For Kids: The name Samhain means "Summer's End" and that is just what it was. Samhain was the final harvest and the New Year Festival. It was a time to clean out the old and welcome the new, to reflect and forgive, and to visit with loved ones - both living and dead.
The ancient Celts believed, on October 31, the good spirits of the dead could come back to earth, often in the form of a black cat, to be reunited with loved ones, one last time.
The ancient Celts believed that the night before each new year, a door opened between this world and the Otherworld - a place the ancient Celts believed was inhabited by supernatural spirits both good and bad. They believed that October 31 was the most dangerous night in the year. That night, people were exposed to the entire supernatural world. Once the doorway was opened to allow a loved one to visit, evil spirits could pass through as well.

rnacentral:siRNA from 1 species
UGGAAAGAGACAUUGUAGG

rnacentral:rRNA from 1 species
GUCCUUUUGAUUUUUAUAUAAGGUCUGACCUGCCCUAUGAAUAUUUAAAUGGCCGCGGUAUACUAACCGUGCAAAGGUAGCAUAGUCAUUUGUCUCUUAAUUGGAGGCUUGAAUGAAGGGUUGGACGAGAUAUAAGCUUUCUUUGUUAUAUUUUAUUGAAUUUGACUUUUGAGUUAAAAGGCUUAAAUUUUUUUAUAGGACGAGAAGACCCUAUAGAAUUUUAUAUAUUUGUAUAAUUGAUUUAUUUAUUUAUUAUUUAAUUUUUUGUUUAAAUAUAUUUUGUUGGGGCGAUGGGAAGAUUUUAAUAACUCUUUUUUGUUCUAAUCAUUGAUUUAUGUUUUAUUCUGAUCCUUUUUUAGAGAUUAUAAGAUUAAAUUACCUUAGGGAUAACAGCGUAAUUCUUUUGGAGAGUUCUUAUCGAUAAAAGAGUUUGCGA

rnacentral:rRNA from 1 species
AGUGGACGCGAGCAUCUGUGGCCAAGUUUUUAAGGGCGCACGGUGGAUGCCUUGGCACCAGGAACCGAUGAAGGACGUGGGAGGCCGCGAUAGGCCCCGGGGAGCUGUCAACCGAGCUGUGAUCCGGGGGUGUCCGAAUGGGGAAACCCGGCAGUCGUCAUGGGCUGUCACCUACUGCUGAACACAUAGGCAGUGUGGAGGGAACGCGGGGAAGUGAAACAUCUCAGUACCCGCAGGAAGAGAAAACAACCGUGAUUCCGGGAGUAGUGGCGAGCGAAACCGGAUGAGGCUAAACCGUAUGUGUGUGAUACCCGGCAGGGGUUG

The ancient Celts left us a rich legacy of mythology and of stories about fairies, leprechauns, banshees, and ghouls. Their culture lives on today in music, story, and song, and in many of our Halloween customs.